Article
We adopt an allometric framework of scaling relationships for comparison between mating-related traits in the middle European bushcricket Roeseliana roeselii (Hagenbach, 1822). Eight characters, covering ontogenetic fitness (size traits; fixed at final moult), male condition (mass traits) and mating motivation (reproductive behaviours), were analys...
Article
In acoustically communicating bushcrickets (Orthoptera: Tettigoniidae), most signal properties are influenced by the dimensions of the stridulatory apparatus, which in turn reflects body size and condition of the signaller. Females can assess male quality based on acoustic signals, suggesting that male stridulatory structures may be under sexual se...
Article
In many species, males produce sounds to attract a female. In a chorus, males actively adjust their acoustic production depending on the presence and number of mating rivals. Plasticity in signal features might then be advantageous as males could tune their signalling activity to the contest intensity. However, the ability to exhibit plastic behavi...
Poster
Full-text available
Insects follow other organisms in their strong biodiversity crisis. Along with the long-observed species-loss recent studies provide evidence for a dramatic reduction in insect biomass in Germany (Hallmann et al. 2017 PLOSone). The alarming data have elicited broad media cover and forced politics to request more conclusive studies. Our project DINA...
Article
Full-text available
In sexual reproduction, the search for mating partners elevates the individual's risks of predation and parasitism. One way to increase mate search effectiveness and reduce search costs is acoustic signaling. However, acoustic orienting parasitoid flies exploit singing hosts, leading to high parasitism rates. Aggregations of males and females at ma...
Article
Full-text available
In sexual reproduction, the search for mating partners elevates the individual’s risks of predation and parasitism. One way to increase mate search effectiveness and reduce search costs is acoustic signaling. However, acoustic orienting parasitoid flies exploit singing hosts, leading to high parasitism rates. Aggregations of males and females at ma...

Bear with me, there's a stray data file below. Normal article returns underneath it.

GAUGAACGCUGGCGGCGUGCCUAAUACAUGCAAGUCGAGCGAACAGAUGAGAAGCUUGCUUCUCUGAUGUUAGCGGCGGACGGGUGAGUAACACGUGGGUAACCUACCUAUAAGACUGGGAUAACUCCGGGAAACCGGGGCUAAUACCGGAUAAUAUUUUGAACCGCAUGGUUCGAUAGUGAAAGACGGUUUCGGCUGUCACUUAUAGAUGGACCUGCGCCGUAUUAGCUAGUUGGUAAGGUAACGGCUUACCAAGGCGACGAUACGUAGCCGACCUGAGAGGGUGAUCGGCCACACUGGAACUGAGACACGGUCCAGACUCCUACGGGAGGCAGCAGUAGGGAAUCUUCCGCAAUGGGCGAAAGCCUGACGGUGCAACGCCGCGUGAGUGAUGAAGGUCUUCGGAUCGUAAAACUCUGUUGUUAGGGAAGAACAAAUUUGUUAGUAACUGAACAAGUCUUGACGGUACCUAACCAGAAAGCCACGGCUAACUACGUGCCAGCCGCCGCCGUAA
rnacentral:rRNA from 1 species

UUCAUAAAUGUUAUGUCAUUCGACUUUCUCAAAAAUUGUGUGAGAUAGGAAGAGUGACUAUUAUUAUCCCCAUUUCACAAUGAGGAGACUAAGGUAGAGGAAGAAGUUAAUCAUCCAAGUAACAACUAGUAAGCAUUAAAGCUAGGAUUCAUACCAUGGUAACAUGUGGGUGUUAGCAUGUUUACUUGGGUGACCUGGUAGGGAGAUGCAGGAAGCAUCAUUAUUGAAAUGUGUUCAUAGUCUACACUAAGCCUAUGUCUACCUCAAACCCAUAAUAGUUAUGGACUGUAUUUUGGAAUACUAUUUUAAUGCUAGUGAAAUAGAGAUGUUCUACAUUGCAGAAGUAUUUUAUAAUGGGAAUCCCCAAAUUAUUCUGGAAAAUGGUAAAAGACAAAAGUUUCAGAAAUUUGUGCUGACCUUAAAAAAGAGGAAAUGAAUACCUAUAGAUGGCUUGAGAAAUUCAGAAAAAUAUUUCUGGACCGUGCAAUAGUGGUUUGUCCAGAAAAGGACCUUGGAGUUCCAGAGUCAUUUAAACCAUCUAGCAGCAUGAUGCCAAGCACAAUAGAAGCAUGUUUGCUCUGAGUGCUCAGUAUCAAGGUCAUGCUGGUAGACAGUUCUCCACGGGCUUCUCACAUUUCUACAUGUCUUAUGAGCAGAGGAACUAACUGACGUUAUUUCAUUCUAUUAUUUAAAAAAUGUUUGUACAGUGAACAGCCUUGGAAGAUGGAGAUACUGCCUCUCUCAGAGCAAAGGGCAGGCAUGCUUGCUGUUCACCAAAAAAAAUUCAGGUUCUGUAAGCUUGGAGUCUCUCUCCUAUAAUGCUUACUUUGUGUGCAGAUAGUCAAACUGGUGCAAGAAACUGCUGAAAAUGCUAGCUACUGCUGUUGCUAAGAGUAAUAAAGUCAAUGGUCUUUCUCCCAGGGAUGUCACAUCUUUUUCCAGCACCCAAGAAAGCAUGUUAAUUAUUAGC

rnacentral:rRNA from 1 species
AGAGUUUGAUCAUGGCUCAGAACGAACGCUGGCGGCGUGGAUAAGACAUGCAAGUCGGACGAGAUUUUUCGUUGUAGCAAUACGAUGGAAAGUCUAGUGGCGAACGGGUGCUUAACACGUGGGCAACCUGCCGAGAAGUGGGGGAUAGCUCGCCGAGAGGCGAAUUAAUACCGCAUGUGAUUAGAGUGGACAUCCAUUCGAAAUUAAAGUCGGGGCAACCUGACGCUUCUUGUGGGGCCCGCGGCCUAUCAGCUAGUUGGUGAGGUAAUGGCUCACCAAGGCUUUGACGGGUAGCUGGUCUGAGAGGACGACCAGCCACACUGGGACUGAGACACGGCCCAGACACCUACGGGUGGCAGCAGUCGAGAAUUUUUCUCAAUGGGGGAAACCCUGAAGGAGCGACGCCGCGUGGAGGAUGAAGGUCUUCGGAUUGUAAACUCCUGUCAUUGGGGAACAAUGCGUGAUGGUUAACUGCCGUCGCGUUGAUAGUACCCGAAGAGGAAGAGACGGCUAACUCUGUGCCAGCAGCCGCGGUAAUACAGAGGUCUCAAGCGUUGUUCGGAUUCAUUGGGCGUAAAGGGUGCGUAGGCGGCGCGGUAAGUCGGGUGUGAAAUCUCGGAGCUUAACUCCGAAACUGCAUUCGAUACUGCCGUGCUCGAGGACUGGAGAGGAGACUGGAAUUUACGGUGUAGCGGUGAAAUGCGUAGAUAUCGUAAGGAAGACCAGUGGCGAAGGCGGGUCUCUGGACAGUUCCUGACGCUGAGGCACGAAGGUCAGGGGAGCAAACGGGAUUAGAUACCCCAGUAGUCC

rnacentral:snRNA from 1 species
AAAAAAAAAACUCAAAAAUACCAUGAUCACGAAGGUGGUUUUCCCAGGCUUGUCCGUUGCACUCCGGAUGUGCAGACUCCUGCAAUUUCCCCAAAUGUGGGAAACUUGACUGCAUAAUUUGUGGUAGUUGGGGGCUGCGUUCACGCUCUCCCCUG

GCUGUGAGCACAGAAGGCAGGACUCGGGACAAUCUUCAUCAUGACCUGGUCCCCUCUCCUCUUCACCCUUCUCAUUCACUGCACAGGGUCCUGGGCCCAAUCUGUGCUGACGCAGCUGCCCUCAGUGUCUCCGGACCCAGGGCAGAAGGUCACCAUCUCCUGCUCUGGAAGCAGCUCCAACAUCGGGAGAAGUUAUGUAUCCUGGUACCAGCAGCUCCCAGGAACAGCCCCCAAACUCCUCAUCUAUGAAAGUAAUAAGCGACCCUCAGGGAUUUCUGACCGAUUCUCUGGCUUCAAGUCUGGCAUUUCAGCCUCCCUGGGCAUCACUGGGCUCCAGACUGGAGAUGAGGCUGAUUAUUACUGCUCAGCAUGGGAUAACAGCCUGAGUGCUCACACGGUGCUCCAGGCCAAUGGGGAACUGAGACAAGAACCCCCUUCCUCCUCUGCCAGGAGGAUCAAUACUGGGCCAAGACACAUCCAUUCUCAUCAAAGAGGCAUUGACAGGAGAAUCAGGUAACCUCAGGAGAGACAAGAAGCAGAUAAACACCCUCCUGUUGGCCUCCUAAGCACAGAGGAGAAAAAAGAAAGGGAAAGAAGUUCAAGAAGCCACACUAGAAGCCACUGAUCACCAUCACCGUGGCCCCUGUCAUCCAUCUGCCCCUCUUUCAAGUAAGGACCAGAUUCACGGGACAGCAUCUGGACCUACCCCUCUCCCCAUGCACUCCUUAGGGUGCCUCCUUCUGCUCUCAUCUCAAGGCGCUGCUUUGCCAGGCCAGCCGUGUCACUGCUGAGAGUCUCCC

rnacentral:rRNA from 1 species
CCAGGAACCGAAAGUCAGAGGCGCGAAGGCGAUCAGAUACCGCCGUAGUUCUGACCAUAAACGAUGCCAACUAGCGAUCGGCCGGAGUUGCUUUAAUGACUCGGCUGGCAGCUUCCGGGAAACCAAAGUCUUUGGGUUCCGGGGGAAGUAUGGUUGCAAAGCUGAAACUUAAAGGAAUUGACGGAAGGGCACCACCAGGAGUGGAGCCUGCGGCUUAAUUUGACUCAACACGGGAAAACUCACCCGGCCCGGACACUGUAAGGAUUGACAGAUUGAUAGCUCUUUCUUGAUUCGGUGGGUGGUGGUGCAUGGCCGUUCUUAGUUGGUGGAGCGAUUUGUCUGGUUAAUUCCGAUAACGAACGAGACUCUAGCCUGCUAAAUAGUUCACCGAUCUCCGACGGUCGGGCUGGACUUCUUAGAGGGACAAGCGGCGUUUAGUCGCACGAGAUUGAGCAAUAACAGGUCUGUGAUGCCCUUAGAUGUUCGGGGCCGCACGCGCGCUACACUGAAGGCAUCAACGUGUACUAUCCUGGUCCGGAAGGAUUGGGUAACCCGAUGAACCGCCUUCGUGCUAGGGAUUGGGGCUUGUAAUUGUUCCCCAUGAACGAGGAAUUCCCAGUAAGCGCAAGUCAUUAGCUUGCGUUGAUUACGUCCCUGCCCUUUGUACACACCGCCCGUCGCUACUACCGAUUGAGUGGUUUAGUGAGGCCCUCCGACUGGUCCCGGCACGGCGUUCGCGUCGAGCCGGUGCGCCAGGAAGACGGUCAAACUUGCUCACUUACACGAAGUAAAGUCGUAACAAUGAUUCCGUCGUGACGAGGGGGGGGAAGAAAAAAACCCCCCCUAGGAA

Article
Full-text available
Males of the bushcricket Metrioptera roeselii bear paired titillators that are spiny genital structures supposedly functioning as copulatory courtship devices. During copulation, the male inserts its titillators into the female's genital chamber, where they rhythmically tap on the sensilla-covered dorsal surface of the genital fold. Here, we invest...
Article
Full-text available
Males of several animals, including insects, use acoustic signals to attract a sexually receptive conspecific partner. In the orthopteran chorusing genus Poecilimon (Tettigoniidae), male signalling as well as female preference can be related to male body condition and to the social environment. Song is thought to be an honest signal of male quality...
Article
Full-text available
1. Functional wing polymorphism in insects is an intriguing topic, especially with respect to the adaptive advantage of each wing morph. The common pygmy grasshopper in Germany, Tetrix subulata, displays wing polymorphism skewed towards macropterous (LW) individuals capable of flight. Furthermore, T. subulata is known to undergo adult diapause in w...
Article
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The data in the Table 1 of the original version of this article were inadvertently shifted during the editing process. Therefore the entries as published in this table did not correspond to their correct data.
Article
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The possession of wings and ability to fly are a unifying character of higher insects, but secondary loss of wings is widespread. Within the bushcrickets, the subfamily Phaneropterinae (Orthoptera: Tettigonioidea) comprises more than 2000 predominantly long-winged species in the tropics. However, the roughly 300 European representatives are mainly...
Presentation
In bushcrickets, sexual selection is related to sound and songs are honest signals. The same acoustic cues can be used to identify singing abilities of neighbors and quality of mating partners by competing males and choosing females.
Conference Paper
The males of some bushcricket species have sclerotized genitalia, which are moved rhythmically during copulations. These spiny “titillators” vary greatly in their shape depending on the species, suggesting that they are under sexual selection. Bushcricket titillators were thought to function as stimulators for the females or to be used as anchors,...
Poster
Full-text available